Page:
15.09.2006 Travel & Tourism

Ghana ranks 10th in tourism arrivals in Africa

The Canopy walkway at Kakum Park. The Canopy walkway at Kakum Park.
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Ghana ranks 10th in terms of tourist arrivals in Africa and considered a serious emerging market with high potentials on the continent, participants at TourismAfrica 2006, currently taking place in the Swiss capital, Geneva, heard on Thursday. Mr Martin Mireku, Executive Director of the Ghana Tourist Board, told some delegates including professionals and business people at strategic meeting on the sidelines of the event that there was relative stability in the country and that it was well positioned to serve as gateway to West Africa.

"We have the potentials and we'd continue to develop strategies to meet the world's tourism needs," he said.

The Geneva event was the first of its kind to foster the investment and financing of tourists projects and has attracted both African and international decision makers from the public and private sectors to interact through a congress, an exhibition and strategic business development fora.

Although the advertised aim of the event was to facilitate the growth of the industry in the entire Africa, participants were mostly from francophone countries.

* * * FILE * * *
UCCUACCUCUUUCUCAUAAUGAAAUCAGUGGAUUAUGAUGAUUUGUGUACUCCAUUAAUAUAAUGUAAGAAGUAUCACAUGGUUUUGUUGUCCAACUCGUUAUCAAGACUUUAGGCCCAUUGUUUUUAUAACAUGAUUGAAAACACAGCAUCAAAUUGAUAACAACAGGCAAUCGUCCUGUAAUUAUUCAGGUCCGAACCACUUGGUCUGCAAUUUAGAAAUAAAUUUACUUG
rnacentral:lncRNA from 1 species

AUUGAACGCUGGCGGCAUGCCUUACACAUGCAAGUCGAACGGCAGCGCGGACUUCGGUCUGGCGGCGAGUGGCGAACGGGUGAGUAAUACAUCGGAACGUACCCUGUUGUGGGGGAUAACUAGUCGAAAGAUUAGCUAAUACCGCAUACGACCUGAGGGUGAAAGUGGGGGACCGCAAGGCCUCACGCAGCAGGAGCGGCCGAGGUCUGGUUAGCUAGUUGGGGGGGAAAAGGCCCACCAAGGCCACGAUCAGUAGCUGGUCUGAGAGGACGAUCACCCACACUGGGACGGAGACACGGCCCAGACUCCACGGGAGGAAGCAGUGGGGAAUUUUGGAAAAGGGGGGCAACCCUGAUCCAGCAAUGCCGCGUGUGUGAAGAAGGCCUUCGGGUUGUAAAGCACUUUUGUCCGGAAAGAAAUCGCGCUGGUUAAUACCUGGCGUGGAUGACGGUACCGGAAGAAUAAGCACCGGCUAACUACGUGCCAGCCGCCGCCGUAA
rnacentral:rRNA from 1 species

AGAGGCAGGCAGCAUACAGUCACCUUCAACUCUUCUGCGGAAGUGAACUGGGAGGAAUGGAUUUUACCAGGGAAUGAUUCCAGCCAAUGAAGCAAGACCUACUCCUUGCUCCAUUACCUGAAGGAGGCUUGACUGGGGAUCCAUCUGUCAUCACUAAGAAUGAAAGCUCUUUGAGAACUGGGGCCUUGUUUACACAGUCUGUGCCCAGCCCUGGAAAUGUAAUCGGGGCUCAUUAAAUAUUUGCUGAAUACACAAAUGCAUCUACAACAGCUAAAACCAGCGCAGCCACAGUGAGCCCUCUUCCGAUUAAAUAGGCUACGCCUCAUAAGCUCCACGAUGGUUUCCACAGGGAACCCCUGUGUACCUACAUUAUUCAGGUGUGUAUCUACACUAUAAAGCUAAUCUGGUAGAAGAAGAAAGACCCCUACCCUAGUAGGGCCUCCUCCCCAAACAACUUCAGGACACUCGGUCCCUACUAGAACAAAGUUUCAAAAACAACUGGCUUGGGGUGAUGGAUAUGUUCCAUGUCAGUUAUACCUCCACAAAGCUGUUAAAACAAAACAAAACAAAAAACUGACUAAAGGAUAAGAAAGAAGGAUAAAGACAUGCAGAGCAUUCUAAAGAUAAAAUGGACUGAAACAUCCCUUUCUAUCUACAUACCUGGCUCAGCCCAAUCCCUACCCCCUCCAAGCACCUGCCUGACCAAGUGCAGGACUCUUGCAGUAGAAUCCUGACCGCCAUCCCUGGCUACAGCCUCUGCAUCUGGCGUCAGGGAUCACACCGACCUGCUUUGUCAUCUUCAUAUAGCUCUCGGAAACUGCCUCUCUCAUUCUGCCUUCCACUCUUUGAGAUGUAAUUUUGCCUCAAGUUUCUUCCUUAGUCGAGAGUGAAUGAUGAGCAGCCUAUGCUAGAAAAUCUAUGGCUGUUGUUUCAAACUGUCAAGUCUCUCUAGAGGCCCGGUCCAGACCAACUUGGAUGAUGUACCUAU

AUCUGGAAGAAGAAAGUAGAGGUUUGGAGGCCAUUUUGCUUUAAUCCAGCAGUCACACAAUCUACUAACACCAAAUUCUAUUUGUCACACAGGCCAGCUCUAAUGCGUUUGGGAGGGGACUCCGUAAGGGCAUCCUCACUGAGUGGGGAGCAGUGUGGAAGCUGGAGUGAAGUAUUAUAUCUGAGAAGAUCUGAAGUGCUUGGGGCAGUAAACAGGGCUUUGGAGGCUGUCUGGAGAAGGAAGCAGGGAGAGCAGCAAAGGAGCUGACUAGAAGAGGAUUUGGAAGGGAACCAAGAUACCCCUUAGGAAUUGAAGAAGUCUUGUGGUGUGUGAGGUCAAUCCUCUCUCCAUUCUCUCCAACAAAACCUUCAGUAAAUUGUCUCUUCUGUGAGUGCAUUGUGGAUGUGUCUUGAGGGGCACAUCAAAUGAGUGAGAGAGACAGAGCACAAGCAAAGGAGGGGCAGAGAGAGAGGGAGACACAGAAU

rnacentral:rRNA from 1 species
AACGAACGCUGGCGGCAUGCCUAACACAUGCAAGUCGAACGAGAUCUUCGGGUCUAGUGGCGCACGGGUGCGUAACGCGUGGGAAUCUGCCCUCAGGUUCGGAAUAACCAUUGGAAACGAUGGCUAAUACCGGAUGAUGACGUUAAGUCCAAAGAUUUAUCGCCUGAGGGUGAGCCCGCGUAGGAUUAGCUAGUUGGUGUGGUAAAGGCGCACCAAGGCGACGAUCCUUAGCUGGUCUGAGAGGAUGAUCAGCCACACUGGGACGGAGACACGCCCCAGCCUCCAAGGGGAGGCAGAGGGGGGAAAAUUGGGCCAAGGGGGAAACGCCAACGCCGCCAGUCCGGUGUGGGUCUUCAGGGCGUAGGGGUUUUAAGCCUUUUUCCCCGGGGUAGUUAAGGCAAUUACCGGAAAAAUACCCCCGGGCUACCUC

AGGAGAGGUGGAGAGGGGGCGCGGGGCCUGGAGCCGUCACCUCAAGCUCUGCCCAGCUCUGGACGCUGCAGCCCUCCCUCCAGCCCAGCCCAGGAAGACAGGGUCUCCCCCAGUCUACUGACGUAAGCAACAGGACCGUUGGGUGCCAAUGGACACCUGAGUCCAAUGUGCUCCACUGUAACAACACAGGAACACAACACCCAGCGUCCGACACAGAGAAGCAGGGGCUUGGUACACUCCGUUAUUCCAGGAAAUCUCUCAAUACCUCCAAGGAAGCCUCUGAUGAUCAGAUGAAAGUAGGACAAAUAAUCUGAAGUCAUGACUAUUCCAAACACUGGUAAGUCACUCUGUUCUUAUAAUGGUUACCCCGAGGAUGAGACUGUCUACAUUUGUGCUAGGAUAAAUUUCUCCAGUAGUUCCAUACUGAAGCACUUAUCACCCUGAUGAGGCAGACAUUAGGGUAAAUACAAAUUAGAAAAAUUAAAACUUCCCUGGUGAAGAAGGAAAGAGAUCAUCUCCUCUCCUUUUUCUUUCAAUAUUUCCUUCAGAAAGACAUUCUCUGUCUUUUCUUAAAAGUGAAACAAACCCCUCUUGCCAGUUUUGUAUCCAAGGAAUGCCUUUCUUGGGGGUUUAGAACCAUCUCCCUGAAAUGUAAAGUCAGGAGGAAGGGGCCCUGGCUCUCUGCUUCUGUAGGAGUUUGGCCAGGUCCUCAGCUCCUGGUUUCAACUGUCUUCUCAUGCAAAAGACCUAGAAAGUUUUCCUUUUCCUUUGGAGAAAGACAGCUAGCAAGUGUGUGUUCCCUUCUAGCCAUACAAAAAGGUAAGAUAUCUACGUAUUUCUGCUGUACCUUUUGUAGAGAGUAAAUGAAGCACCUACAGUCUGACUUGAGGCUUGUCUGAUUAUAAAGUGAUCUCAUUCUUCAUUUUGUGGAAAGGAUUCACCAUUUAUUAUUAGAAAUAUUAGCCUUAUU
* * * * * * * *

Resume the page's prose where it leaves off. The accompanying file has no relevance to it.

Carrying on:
Mr Mireku, who represented the Ministry of Tourism and Diasporan Relations, also spoke about Ghana's 50th Independence anniversary celebrations, slated for next year, as well as the country's hosting of CAN 2008 sporting event, saying they presented good opportunities for visitors to have a good taste of Ghanaians and their unique culture. He also had a brief interaction with the only participating group from Ghana, led by Mr Simeone Quadjovie, operators of ABSCO Travel and Tours, who also doubles as the head of Air Business Services in Ghana. Speaking to the Ghana News Agency later, Mr Mireku identified as "prohibitive" the cost of air travel to Ghana from other parts of the world, such as Europe and the Americas, saying this posed a major challenge to efforts at making tourism the country's biggest cash earner.

Observing that the event was two-thirds dominated by francophone countries, Mr Mireku said he might recommend to government, strategies on how best Ghana could re-enter the Francophone market, in addition to its target of the Diaspora.

"We have all its takes to roll out to the outside world, so what is left is to get our products and services well-packaged to suit customers' demands," he added.

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